Read: Mark 15:42-16:20

We come now to the conclusion of Mark. Jesus has been crucified, but the story does not end there. For that, we should be eternally thankful!

  1. Burial and Resurrection (Mark 15:42-16:8) After Jesus’ death, Joseph of Arimathea, a prominent member of the Sanhedrin, asked for and received Jesus’ body. He wrapped it in linen, and placed it in a tomb. After his death, we find Jesus’ advocates coming from two unexpected groups: a member of the Sanhedrin, and some women. The disciples have vanished from the scene. Why is it that throughout history, persecution and trial lead to such surprises? Why are “leaders” in times of peace seldom “leaders” in times of strife? In future times of trial, where might we find the surprising “pillars” of the church?At various times throughout his ministry, Jesus predicted his death and resurrection three days later. Why do his closest followers obviously not expect his words to come true? How might the story have been different if the disciples had truly believed his words? When Jesus left the tomb, was he surprised to find no followers there to welcome him? Will Jesus’ second coming be similar in this regard?

    It seems that if Mark was concerned about proving Jesus’ bodily resurrection, he could have made a better case. There were no witnesses of the resurrection event, and the first ones on the scene were women (in that culture, this would have been especially significant). According to Mark, these first witnesses were immediately frightened and “bewildered” to the point that they “went out and fled from the tomb. They said nothing to anyone, because they were afraid” (Mark 16:8). How does this “shaky” evidence actually lend support to the accuracy of Mark’s account–or does it? For you, what are the most important pieces of evidence which convince you that Jesus is indeed alive?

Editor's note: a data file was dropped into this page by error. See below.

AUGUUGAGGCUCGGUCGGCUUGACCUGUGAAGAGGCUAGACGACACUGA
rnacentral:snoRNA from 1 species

2. The End of Mark (Mark 16:9-20) In the most reliable Greek manuscripts, the gospel of Mark concludes with 16:8. Mark 16:9-20 was likely added later by another author. It is possible that the last portion of Mark was somehow lost. However, given Mark’s audience, the rather abrupt beginning of his gospel, and the recurring themes in his book, what arguments could be made in support of the idea that Mark 16:8 is actually a very fitting conclusion to the Gospel? If it is Mark’s intended ending, what point is he trying to communicate to his readers? What would he be trying to accomplish?
  3. Looking Back Over Mark
    • What is your favorite story in Mark?
    • What has been the most important thing you have learned during your investigation of Mark this quarter?
    • What is your most important, unanswered question from Mark?
    • What actual changes in your life have you made as a result of your study of Mark? Should you make some changes? Will you? When?
    • Imagine that you have just asked Jesus the question in Mark 10:17: “Good teacher, what must I do to inherit eternal life?” How would Jesus answer? How would you respond?

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